Photo by Danielle Walsh
Japantown's iconic Peace Pagoda, constructed in 1968 by San Francisco's sister city, Osaka.
Most folks arrive in San Francisco and head straight to the Mission, Castro, North Beach, or one of a dozen other neighborhoods…but not Japantown, which is a total shame. The tiny six-block area has a remarkably different feel from the rest of the city and is packed with enough rad experiences to occupy a whole day. Go with your family, your partner, or even alone.
When San Francisco was rocked by the 1906 earthquake, many of the Japanese residents in the city relocated to this corner of the city. Back then, there were over 30 blocks of businesses. What’s left of the shops and restaurants are mostly in this old Japan Center Mall, which hasn’t really changed much since being built in the 60s. Perfect for kids with adventurous palettes, Isobune floats various sushi on boats along a moat that circles the bar.
Hit Mitsu for boba. Pro tip: you can adjust your bubble tea’s sweetness, and should go lower than you might usually—they’re heavy-handed with the sugar but generous with the portions. Daiso is a bit like a Japanese dollar store, with rows and rows of kitschy sake sets and bowls, offbeat candies, and quirky trinkets. Kinokuniya is the city’s motherlode for anime in English and Japanese. Any magazine-lover will obsess over their extensive newsstand, too.
Soko Hardware is a lot more than just a store full of cool wrenches and such. You’ll find paper lanterns, racks of aprons, origami paper, wall hangings, knives, and dozens and dozens of teapots.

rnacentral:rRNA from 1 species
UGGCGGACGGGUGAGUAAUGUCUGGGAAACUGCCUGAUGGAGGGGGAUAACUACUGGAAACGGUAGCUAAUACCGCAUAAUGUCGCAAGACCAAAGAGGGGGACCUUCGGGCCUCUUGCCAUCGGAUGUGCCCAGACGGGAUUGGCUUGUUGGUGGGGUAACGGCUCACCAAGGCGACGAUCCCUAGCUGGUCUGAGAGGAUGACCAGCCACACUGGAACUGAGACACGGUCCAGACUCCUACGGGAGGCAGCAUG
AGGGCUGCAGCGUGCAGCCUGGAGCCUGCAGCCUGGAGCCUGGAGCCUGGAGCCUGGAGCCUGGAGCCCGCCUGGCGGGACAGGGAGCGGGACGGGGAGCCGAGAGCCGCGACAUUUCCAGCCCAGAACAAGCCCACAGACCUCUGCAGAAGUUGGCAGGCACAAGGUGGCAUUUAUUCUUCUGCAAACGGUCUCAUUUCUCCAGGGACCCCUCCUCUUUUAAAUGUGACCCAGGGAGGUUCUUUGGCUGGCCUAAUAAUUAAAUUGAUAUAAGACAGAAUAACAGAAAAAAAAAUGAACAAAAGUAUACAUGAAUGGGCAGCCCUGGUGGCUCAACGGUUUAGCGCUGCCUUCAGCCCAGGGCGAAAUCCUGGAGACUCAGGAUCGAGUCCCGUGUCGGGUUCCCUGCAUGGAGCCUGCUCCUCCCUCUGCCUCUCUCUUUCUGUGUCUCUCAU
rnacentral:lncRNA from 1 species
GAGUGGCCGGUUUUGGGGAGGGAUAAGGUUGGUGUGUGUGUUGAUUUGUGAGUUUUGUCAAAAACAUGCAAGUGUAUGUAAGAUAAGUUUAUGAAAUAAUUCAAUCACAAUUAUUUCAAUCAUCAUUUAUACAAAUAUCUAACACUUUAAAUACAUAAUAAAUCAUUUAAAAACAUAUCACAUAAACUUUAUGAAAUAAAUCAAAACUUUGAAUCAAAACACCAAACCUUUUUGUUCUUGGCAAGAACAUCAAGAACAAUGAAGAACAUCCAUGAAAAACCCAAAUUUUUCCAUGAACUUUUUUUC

SF locals hit Kabuki Springs because it’s clean, serene, and totally affordable. $25 gets you access to their sauna, steam room, and plunge pools where talking is strictly verboten. Just check their schedule the day before heading there: The baths here only mix guys and girls once a week.
Ok, so it’s not technically in Japantown, but it’s insanely close: Folks line up for the better part of a day to eat at State Bird Provisions. Yes, it’s great and memorable dining experience, but assuming you don’t have a hard-to-get rez or five hours to wait, check out their newer restaurant down the street, The Progress, whose bar has a killer bites (don’t miss the roti) and seats that don’t take three hours to obtain. In the event you do hit a short wait, try grabbing beer cocktails at the cozy, library-like bar The Social Study.
Kabuki Sundance Cinemas is, hands down, the best place in San Francisco to see both mainstream and indie films. The seats are comfy (and reservable), they serve alcohol in the screening rooms, and, maybe my favorite part, the concession stand carries Humphrey Slocombe‘s whiskey cornflake ice cream in little cups.
>> Next: The AFAR guide to San Francisco
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